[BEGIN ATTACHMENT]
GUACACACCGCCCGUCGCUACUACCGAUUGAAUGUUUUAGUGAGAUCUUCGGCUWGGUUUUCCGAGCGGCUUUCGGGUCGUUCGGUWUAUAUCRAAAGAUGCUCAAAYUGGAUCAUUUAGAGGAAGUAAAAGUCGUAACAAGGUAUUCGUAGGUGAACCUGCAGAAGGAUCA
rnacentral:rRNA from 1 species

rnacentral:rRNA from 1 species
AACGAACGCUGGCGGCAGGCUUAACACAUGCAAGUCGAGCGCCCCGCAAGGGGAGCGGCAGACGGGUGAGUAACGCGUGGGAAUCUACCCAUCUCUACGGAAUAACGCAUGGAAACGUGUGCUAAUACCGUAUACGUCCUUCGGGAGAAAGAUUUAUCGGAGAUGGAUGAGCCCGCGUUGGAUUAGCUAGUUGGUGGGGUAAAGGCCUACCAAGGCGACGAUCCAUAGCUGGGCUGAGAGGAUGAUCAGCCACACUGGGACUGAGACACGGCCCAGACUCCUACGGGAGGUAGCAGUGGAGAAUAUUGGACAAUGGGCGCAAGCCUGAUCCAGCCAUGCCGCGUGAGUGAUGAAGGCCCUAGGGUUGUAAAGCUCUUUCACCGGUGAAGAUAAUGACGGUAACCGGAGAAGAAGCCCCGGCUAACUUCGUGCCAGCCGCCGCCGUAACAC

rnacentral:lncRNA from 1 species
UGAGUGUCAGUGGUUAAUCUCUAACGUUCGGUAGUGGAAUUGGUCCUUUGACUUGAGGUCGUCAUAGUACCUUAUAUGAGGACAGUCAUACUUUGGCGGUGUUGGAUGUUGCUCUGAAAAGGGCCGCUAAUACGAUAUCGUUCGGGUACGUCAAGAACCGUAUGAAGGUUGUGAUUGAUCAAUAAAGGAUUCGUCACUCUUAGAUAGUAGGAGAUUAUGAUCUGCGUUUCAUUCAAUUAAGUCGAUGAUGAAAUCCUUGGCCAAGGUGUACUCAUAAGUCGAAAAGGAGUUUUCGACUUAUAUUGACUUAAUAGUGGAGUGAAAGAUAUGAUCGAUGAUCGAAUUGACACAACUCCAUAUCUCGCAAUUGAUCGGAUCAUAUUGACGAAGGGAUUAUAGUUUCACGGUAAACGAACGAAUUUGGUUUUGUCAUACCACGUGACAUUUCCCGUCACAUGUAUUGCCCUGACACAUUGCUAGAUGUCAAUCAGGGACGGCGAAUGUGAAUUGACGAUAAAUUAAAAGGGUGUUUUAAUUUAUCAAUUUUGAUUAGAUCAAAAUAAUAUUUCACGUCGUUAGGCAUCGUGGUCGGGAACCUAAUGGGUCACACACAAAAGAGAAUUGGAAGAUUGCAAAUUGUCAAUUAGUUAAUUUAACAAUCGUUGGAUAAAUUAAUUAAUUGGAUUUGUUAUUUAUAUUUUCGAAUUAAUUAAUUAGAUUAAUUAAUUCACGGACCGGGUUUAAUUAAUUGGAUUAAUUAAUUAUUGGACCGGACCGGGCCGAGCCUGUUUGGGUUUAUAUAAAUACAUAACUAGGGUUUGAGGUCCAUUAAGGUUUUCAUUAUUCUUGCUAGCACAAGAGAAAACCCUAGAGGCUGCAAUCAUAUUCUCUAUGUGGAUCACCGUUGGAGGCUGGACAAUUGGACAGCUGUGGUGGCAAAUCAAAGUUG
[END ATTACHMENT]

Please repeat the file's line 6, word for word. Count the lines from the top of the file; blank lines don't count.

UGAGUGUCAGUGGUUAAUCUCUAACGUUCGGUAGUGGAAUUGGUCCUUUGACUUGAGGUCGUCAUAGUACCUUAUAUGAGGACAGUCAUACUUUGGCGGUGUUGGAUGUUGCUCUGAAAAGGGCCGCUAAUACGAUAUCGUUCGGGUACGUCAAGAACCGUAUGAAGGUUGUGAUUGAUCAAUAAAGGAUUCGUCACUCUUAGAUAGUAGGAGAUUAUGAUCUGCGUUUCAUUCAAUUAAGUCGAUGAUGAAAUCCUUGGCCAAGGUGUACUCAUAAGUCGAAAAGGAGUUUUCGACUUAUAUUGACUUAAUAGUGGAGUGAAAGAUAUGAUCGAUGAUCGAAUUGACACAACUCCAUAUCUCGCAAUUGAUCGGAUCAUAUUGACGAAGGGAUUAUAGUUUCACGGUAAACGAACGAAUUUGGUUUUGUCAUACCACGUGACAUUUCCCGUCACAUGUAUUGCCCUGACACAUUGCUAGAUGUCAAUCAGGGACGGCGAAUGUGAAUUGACGAUAAAUUAAAAGGGUGUUUUAAUUUAUCAAUUUUGAUUAGAUCAAAAUAAUAUUUCACGUCGUUAGGCAUCGUGGUCGGGAACCUAAUGGGUCACACACAAAAGAGAAUUGGAAGAUUGCAAAUUGUCAAUUAGUUAAUUUAACAAUCGUUGGAUAAAUUAAUUAAUUGGAUUUGUUAUUUAUAUUUUCGAAUUAAUUAAUUAGAUUAAUUAAUUCACGGACCGGGUUUAAUUAAUUGGAUUAAUUAAUUAUUGGACCGGACCGGGCCGAGCCUGUUUGGGUUUAUAUAAAUACAUAACUAGGGUUUGAGGUCCAUUAAGGUUUUCAUUAUUCUUGCUAGCACAAGAGAAAACCCUAGAGGCUGCAAUCAUAUUCUCUAUGUGGAUCACCGUUGGAGGCUGGACAAUUGGACAGCUGUGGUGGCAAAUCAAAGUUG